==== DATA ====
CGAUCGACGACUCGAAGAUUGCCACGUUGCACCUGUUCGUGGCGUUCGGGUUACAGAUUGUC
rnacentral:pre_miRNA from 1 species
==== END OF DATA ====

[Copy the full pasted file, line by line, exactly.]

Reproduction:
CGAUCGACGACUCGAAGAUUGCCACGUUGCACCUGUUCGUGGCGUUCGGGUUACAGAUUGUC
rnacentral:pre_miRNA from 1 species